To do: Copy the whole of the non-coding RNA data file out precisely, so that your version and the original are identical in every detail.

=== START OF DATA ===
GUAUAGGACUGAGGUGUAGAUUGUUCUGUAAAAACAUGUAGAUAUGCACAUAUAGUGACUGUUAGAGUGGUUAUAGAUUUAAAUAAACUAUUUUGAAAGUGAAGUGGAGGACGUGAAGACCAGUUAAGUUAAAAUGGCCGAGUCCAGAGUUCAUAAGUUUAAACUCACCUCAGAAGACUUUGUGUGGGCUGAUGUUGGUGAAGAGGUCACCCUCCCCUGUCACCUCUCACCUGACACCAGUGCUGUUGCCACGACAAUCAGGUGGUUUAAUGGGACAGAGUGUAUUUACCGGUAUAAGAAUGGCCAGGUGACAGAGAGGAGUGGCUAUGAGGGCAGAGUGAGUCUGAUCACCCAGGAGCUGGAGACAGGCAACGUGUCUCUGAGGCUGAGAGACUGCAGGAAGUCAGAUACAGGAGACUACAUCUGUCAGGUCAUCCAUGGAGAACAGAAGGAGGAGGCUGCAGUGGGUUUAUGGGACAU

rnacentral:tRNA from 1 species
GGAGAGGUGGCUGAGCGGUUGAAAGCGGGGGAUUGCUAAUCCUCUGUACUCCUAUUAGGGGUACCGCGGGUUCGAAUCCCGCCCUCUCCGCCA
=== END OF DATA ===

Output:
GUAUAGGACUGAGGUGUAGAUUGUUCUGUAAAAACAUGUAGAUAUGCACAUAUAGUGACUGUUAGAGUGGUUAUAGAUUUAAAUAAACUAUUUUGAAAGUGAAGUGGAGGACGUGAAGACCAGUUAAGUUAAAAUGGCCGAGUCCAGAGUUCAUAAGUUUAAACUCACCUCAGAAGACUUUGUGUGGGCUGAUGUUGGUGAAGAGGUCACCCUCCCCUGUCACCUCUCACCUGACACCAGUGCUGUUGCCACGACAAUCAGGUGGUUUAAUGGGACAGAGUGUAUUUACCGGUAUAAGAAUGGCCAGGUGACAGAGAGGAGUGGCUAUGAGGGCAGAGUGAGUCUGAUCACCCAGGAGCUGGAGACAGGCAACGUGUCUCUGAGGCUGAGAGACUGCAGGAAGUCAGAUACAGGAGACUACAUCUGUCAGGUCAUCCAUGGAGAACAGAAGGAGGAGGCUGCAGUGGGUUUAUGGGACAU

rnacentral:tRNA from 1 species
GGAGAGGUGGCUGAGCGGUUGAAAGCGGGGGAUUGCUAAUCCUCUGUACUCCUAUUAGGGGUACCGCGGGUUCGAAUCCCGCCCUCUCCGCCA